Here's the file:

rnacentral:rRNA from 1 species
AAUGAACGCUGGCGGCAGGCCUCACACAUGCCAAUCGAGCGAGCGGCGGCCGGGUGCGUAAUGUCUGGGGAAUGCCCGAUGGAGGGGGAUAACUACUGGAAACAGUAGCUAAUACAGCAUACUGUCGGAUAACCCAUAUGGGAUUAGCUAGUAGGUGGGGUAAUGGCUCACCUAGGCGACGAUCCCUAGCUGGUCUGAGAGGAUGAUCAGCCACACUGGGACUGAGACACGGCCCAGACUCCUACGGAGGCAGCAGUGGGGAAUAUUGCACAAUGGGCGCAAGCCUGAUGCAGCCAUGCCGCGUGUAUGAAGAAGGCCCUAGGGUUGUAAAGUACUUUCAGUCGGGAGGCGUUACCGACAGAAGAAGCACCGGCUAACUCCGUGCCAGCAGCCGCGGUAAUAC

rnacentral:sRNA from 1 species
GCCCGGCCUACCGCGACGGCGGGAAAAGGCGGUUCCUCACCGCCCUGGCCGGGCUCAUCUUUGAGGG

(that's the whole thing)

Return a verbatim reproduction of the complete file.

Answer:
rnacentral:rRNA from 1 species
AAUGAACGCUGGCGGCAGGCCUCACACAUGCCAAUCGAGCGAGCGGCGGCCGGGUGCGUAAUGUCUGGGGAAUGCCCGAUGGAGGGGGAUAACUACUGGAAACAGUAGCUAAUACAGCAUACUGUCGGAUAACCCAUAUGGGAUUAGCUAGUAGGUGGGGUAAUGGCUCACCUAGGCGACGAUCCCUAGCUGGUCUGAGAGGAUGAUCAGCCACACUGGGACUGAGACACGGCCCAGACUCCUACGGAGGCAGCAGUGGGGAAUAUUGCACAAUGGGCGCAAGCCUGAUGCAGCCAUGCCGCGUGUAUGAAGAAGGCCCUAGGGUUGUAAAGUACUUUCAGUCGGGAGGCGUUACCGACAGAAGAAGCACCGGCUAACUCCGUGCCAGCAGCCGCGGUAAUAC

rnacentral:sRNA from 1 species
GCCCGGCCUACCGCGACGGCGGGAAAAGGCGGUUCCUCACCGCCCUGGCCGGGCUCAUCUUUGAGGG